Comcast throttles BitTorrent traffic

By on August 20, 2007, 10:46 AM
It appears that Comcast has stepped up their fight against BitTorrent by outright cutting off usersí transfers and blocking their ability to seed downloads.

ISPs have been limiting the available bandwidth for BitTorrent traffic for almost two years now, according to TorrentFreak, and though BitTorrent protocol encryption seems to work against most forms of traffic shaping, Comcastís more aggressive throttling methods canít be circumvented just as easy.

It is reported that Comcast is using an application from Sandvine to throttle BitTorrent traffic. Sandvine breaks every (seed) connection with new peers after a few seconds if itís not a Comcast user. This makes it virtually impossible to seed a file, especially in small swarms without any Comcast users.
ISPs have long argued that bandwidth-hungry P2P applications can cripple their network and thus some controls are due in order to make the experience good for all users. However, customers arenít likely to agree that limiting their internet connections is an acceptable solution.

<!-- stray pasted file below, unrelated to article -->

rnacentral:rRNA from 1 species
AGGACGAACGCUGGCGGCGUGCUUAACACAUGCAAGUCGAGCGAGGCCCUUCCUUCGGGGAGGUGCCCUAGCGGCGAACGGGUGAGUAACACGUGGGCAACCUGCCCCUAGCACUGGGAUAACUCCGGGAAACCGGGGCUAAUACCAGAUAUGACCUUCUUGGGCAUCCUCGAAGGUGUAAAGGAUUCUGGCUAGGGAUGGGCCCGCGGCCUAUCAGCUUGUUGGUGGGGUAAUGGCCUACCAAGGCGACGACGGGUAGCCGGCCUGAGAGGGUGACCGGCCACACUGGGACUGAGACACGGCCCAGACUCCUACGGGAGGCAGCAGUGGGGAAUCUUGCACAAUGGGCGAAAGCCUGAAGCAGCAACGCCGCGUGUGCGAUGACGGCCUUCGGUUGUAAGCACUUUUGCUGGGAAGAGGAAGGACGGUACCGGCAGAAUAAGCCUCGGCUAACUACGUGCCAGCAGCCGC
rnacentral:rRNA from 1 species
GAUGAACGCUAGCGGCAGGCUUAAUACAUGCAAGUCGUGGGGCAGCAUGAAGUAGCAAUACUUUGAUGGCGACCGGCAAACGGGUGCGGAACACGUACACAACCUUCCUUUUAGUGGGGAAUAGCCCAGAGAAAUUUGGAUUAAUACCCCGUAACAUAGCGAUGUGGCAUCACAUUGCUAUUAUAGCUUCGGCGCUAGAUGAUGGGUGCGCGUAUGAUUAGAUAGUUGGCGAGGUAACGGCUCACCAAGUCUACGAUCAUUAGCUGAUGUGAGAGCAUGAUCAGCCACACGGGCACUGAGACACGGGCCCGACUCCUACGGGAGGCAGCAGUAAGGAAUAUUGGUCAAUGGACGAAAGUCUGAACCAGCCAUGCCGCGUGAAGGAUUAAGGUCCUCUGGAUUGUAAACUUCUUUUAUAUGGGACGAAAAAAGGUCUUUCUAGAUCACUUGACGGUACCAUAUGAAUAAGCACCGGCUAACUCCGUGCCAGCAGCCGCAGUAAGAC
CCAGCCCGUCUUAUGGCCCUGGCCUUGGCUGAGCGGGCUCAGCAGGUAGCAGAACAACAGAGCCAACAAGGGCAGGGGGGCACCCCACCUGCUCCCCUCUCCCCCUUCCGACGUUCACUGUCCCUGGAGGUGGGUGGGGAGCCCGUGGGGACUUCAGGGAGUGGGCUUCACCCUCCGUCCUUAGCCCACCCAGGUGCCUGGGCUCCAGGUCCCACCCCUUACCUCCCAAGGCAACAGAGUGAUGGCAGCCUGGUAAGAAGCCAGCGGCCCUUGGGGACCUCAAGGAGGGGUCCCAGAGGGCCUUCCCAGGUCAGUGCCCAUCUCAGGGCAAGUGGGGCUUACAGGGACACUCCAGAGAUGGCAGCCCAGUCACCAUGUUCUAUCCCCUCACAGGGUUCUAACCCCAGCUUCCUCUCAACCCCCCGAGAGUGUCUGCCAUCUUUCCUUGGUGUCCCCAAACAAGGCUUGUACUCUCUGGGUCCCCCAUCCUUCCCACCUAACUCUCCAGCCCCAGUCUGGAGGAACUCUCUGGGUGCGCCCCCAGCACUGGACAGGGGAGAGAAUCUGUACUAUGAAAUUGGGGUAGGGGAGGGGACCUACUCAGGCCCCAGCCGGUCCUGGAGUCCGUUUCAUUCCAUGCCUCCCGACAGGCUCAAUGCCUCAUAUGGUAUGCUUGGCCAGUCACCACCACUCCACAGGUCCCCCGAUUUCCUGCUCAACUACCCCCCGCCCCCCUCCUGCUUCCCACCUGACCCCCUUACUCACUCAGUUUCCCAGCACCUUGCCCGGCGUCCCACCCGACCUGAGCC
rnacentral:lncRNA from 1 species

TorrentFreak says setting up a secure connection through VPN or over SSH seems to be the only workarounds for Comcastís throttling methods.




User Comments: 2

Got something to say? Post a comment
Jibberish18 said:
So how exactly is a torrent crippling their networks? Is it because of the seeding or the downloading? I can't imagine it's the downloading because if I wanted to I could stream or download HD movies that are amazingly big every day of the week. Although I have heard of consumers who download too much (In the eyes of Comcast that is) will receive a warning from Comcast even though they tell you that their is no Cap on your downloading or uploading.
---agissi--- said:
Soo basically they're stopping users from using all of the advertised bandwidth they are entitled to.. because its become the new fad (sort of) that the common public is now able to do. I dont even torrent one bit but I'm strongly against that.
Load all comments...

Add New Comment

TechSpot Members
Login or sign up for free,
it takes about 30 seconds.
You may also...
Get complete access to the TechSpot community. Join thousands of technology enthusiasts that contribute and share knowledge in our forum. Get a private inbox, upload your own photo gallery and more.